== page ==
Soundtrack review: All nighter (Alec Puro – 2017)
“All Nighter” is a 2017 American comedy film directed by Gavin Wiesen and written by Seth W. Owen. The film stars Emile Hirsch, J. K. Simmons, and Kristen Schaal. When a globe-trotting, workaholic father (Simmons) trying to visit his daughter on a last minute layover in Los Angeles discovers that she’s disappeared, he forces her awkward, nervous ex-boyfriend (Hirsch), still nursing a broken heart, to help him find her over the course of one increasingly crazy night. Alec Puro wrote the score.
The opening cue “Open” puts me straight up in a great and jolly mood; it’s the kind guitar and banjo cue that I would always start a road movie with because it’s full of hope and joy and as playful as they get. I like the sound of the banjo and maybe the whole score will have it. Comedies are not easy to score as the composer has to find the right balance between monkeying around, emotion and melancholy; it’s not always easy even for me to listen to and write about comedy scores because I can’t always connect to them very well.
In this case though the composer chose to go use very few instruments and to my joy he gave his music a road trip stride with percussion and alert strings; “Porn driving” is a simple and enjoyable cue that becomes almost hummable by the time it’s over. There’s also a clapping sound and a repetitive guitar motif that I like a lot. Somehow this score reminds me of the one for “Little Miss Sunshine” from a few years back. I enjoy this kind of cue once, then twice but it becomes a bit repetitive from the third time on. I have heard this kind of score before in comedies and I appreciate that it’s not slapstick comedy music because I have a hard time listening to that but still, it is that light guitar sound that can go with anything. This is one instance where I am not upset that the score is only 25 minutes long. The thing is I am listening to the album out of context and maybe this music works much better with the support of the humour in the movie. I can imagine gags or funny moments having this undertone but as a standalone listen is just not enough to get me to connect with it.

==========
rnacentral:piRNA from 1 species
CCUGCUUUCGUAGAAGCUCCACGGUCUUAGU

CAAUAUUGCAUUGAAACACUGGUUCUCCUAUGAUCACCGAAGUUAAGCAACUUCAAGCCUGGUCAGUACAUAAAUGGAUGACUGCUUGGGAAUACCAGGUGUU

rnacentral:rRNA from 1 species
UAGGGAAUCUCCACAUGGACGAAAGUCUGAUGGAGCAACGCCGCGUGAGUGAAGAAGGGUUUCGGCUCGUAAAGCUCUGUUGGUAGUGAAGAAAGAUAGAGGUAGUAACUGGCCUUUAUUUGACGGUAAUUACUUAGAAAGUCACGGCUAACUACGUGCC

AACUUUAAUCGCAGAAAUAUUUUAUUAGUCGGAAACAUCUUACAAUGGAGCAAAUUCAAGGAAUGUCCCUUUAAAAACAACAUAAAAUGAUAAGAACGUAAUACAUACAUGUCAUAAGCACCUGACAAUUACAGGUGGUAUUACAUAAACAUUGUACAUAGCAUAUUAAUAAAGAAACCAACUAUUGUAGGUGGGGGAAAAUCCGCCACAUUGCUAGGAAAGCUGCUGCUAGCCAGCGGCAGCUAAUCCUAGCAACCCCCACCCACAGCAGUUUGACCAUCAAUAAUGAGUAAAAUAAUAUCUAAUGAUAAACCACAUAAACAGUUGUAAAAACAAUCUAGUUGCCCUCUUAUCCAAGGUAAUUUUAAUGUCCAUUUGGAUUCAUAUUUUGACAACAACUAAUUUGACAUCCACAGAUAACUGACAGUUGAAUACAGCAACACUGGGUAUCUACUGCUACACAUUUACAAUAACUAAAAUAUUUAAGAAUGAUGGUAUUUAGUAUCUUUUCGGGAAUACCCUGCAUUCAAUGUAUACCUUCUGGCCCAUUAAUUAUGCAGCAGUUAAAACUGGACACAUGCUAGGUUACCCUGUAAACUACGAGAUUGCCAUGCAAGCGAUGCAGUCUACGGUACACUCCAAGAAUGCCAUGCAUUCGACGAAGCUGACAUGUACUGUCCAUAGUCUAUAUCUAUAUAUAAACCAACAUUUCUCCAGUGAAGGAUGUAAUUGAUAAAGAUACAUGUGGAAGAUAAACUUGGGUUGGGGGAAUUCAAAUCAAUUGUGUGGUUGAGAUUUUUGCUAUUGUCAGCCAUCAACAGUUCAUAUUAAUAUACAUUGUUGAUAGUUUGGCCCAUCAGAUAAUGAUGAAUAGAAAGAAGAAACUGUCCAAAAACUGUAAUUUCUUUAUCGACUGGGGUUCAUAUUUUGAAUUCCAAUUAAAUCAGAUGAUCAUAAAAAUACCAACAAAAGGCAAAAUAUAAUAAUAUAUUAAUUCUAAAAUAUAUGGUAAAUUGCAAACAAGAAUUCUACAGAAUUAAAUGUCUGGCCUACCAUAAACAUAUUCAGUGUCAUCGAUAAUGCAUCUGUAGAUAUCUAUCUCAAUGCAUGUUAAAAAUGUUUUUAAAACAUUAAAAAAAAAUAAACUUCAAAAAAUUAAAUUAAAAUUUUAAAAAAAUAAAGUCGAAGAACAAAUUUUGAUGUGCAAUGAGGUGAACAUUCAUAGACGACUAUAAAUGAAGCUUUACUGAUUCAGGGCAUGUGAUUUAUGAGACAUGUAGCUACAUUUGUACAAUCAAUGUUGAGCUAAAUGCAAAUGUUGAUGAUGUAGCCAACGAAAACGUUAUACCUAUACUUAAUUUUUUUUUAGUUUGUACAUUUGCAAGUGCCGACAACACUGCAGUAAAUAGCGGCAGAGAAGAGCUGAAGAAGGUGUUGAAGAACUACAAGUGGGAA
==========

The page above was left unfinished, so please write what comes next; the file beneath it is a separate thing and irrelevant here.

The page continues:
I enjoy the percussion moments and the return if the banjo towards the end because they bring a different energy to the score and take it a bit out of that light guitar comfort zone. There’s also a bit of Americana in the love theme “Martin and Ginnie” which makes the time pass faster. “All nighter” is light and breezy and I imagine it works much better int he context of the movie.
Cue rating: 74 / 100
Total minutes of excellence: 1 / 26
Album excellence: 4%